Short Take: Comments and Epigrams

epigramAs a teacher, one of the most difficult things I had to do was come up with comments for the report card.  Of course, when I taught in High School, no comments were needed.  A simple number grade, like 92, was sufficient.  Sometimes the administration got it into their heads that a number was too defining, it needed to be something with more breadth, like a B+.  I know that in one school where I taught, there were to be no minuses.  No one was an A-; if their average was 90-94, it was to be listed as an A.  Having a minus after their grade was too demeaning and threatened to deflate their self-esteem.  But I digress.  I began talking about comments.  I want to share with you the best one I ever wrote for a 5th grade student:

Samantha’s strong apathy is evident in class and is counterproductive to the acquisition of knowledge.  (Translation: Samantha doesn’t give a shit and isn’t learning anything!)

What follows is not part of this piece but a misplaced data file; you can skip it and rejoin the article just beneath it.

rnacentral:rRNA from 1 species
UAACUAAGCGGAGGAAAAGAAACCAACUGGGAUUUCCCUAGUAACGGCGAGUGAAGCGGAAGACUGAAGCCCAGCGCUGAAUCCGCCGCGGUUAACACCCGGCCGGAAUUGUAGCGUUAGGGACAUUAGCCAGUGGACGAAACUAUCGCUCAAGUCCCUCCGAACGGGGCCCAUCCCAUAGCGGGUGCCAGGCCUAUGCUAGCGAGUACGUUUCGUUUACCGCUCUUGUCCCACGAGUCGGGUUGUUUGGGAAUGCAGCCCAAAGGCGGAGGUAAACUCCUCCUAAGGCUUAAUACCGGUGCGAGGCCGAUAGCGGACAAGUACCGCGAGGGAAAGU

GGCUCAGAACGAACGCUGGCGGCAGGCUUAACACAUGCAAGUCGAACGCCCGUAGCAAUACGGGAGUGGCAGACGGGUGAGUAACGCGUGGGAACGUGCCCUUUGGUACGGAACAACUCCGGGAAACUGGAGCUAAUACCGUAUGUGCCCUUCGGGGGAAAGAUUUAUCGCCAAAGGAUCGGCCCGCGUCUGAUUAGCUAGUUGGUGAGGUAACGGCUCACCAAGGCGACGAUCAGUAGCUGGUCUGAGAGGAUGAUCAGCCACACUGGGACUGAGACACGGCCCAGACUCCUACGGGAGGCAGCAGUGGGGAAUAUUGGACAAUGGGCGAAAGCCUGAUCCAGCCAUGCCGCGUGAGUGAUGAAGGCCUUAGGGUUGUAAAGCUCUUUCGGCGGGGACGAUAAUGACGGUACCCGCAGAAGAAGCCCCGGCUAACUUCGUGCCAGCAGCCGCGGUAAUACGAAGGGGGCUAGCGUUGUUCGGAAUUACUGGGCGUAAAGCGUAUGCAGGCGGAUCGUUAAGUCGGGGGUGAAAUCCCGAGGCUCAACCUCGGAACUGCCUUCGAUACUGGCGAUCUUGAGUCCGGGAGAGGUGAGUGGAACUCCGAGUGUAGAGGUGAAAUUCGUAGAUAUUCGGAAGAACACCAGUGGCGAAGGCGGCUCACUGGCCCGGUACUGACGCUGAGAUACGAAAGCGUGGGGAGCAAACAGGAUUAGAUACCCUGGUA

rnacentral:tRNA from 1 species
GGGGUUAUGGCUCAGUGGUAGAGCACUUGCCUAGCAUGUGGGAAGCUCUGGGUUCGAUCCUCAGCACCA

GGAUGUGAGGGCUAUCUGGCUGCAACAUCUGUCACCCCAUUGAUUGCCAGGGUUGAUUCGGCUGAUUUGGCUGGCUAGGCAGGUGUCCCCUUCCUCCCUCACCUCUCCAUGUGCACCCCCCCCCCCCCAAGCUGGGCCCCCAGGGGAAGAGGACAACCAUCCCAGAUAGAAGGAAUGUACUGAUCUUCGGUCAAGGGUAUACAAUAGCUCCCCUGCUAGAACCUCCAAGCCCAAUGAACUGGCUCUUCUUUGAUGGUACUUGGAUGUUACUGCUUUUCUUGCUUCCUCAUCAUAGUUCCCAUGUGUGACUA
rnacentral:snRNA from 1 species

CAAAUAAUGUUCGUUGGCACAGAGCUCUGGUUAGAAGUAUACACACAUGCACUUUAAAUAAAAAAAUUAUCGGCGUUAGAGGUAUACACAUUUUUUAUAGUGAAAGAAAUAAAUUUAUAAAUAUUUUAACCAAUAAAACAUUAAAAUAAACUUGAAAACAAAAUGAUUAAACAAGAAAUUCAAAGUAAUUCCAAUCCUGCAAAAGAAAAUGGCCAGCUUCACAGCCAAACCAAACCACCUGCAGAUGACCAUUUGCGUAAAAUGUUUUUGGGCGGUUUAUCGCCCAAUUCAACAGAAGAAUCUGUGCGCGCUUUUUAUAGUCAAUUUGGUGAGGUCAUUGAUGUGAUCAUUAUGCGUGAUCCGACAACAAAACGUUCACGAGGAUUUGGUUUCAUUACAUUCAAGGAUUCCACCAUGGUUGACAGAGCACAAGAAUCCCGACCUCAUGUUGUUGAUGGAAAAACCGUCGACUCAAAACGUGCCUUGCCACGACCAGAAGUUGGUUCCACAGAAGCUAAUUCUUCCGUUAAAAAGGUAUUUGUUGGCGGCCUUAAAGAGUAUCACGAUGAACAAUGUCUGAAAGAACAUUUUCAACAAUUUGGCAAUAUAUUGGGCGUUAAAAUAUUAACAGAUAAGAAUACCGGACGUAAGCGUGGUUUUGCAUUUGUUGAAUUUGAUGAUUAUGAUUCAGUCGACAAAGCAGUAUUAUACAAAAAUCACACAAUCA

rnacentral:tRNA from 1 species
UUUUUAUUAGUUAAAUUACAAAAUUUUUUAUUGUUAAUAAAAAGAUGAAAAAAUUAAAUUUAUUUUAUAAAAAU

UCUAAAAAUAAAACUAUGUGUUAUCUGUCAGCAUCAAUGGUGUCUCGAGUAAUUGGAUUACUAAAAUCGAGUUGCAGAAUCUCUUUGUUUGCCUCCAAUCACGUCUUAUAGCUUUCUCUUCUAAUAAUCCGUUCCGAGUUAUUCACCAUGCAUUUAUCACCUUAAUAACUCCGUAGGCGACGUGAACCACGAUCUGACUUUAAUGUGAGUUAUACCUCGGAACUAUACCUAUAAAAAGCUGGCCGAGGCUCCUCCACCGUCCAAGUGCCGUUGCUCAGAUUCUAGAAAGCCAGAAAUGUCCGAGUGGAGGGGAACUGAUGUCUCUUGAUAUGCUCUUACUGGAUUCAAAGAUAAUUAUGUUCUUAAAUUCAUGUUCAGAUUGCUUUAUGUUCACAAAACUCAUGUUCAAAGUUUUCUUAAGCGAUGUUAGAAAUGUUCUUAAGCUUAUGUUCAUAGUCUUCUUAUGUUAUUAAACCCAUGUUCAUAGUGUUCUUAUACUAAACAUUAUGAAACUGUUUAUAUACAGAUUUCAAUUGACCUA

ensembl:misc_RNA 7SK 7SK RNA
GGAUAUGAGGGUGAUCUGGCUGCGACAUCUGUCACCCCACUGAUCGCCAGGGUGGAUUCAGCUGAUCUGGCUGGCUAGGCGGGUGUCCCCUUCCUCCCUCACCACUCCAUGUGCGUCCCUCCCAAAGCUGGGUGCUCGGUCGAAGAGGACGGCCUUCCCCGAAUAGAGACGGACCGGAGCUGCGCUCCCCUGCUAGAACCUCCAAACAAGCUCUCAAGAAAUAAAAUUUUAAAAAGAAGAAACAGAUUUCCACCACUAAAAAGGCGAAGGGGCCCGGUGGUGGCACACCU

goatMy favorite note from a parent in a rural community where I taught 7th grade math was: Sorry that Billy doesn’t have his homework today; the goat ate it.

Here’s a witticism that I love: The best of us talk about ideas; most of us talk about things; the worst of us talk about people.  Now doesn’t that just say it all?  It kinda runs the gamut from TED talks to People Magazine.

Before I sign off, will everyone who believes in telekinesis please raise my hand?comments2



    Very good… write so well….!! much love…thanks for supper and the extra goodies…..much love always….Joe 73…!

  2. lewisbaden

    Enjoyable as always.

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